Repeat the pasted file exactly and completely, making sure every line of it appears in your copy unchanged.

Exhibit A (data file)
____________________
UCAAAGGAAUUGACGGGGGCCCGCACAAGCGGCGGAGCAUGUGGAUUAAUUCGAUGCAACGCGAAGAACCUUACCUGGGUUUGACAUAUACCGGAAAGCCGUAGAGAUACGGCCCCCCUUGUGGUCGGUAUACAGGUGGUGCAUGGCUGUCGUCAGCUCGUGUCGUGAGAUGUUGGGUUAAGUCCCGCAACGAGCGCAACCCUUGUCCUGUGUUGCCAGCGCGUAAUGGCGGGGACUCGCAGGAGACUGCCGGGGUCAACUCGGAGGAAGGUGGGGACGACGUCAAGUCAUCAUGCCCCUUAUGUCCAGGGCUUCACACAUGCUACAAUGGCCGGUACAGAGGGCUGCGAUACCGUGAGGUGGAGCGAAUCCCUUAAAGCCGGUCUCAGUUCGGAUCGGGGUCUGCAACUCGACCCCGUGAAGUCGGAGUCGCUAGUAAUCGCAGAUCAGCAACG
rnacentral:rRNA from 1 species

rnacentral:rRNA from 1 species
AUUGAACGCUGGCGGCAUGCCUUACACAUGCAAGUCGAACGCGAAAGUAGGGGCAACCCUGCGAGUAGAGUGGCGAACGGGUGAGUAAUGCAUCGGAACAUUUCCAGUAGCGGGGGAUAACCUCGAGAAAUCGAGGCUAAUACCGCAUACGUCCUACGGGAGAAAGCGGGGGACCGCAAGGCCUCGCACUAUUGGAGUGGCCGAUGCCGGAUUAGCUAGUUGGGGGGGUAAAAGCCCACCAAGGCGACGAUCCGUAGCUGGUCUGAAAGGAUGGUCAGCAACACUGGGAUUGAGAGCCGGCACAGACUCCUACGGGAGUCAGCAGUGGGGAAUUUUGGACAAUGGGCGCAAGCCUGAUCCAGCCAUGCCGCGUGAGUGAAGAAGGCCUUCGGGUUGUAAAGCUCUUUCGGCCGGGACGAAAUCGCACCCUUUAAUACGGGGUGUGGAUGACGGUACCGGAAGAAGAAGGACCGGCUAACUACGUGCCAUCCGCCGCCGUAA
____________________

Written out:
UCAAAGGAAUUGACGGGGGCCCGCACAAGCGGCGGAGCAUGUGGAUUAAUUCGAUGCAACGCGAAGAACCUUACCUGGGUUUGACAUAUACCGGAAAGCCGUAGAGAUACGGCCCCCCUUGUGGUCGGUAUACAGGUGGUGCAUGGCUGUCGUCAGCUCGUGUCGUGAGAUGUUGGGUUAAGUCCCGCAACGAGCGCAACCCUUGUCCUGUGUUGCCAGCGCGUAAUGGCGGGGACUCGCAGGAGACUGCCGGGGUCAACUCGGAGGAAGGUGGGGACGACGUCAAGUCAUCAUGCCCCUUAUGUCCAGGGCUUCACACAUGCUACAAUGGCCGGUACAGAGGGCUGCGAUACCGUGAGGUGGAGCGAAUCCCUUAAAGCCGGUCUCAGUUCGGAUCGGGGUCUGCAACUCGACCCCGUGAAGUCGGAGUCGCUAGUAAUCGCAGAUCAGCAACG
rnacentral:rRNA from 1 species

rnacentral:rRNA from 1 species
AUUGAACGCUGGCGGCAUGCCUUACACAUGCAAGUCGAACGCGAAAGUAGGGGCAACCCUGCGAGUAGAGUGGCGAACGGGUGAGUAAUGCAUCGGAACAUUUCCAGUAGCGGGGGAUAACCUCGAGAAAUCGAGGCUAAUACCGCAUACGUCCUACGGGAGAAAGCGGGGGACCGCAAGGCCUCGCACUAUUGGAGUGGCCGAUGCCGGAUUAGCUAGUUGGGGGGGUAAAAGCCCACCAAGGCGACGAUCCGUAGCUGGUCUGAAAGGAUGGUCAGCAACACUGGGAUUGAGAGCCGGCACAGACUCCUACGGGAGUCAGCAGUGGGGAAUUUUGGACAAUGGGCGCAAGCCUGAUCCAGCCAUGCCGCGUGAGUGAAGAAGGCCUUCGGGUUGUAAAGCUCUUUCGGCCGGGACGAAAUCGCACCCUUUAAUACGGGGUGUGGAUGACGGUACCGGAAGAAGAAGGACCGGCUAACUACGUGCCAUCCGCCGCCGUAA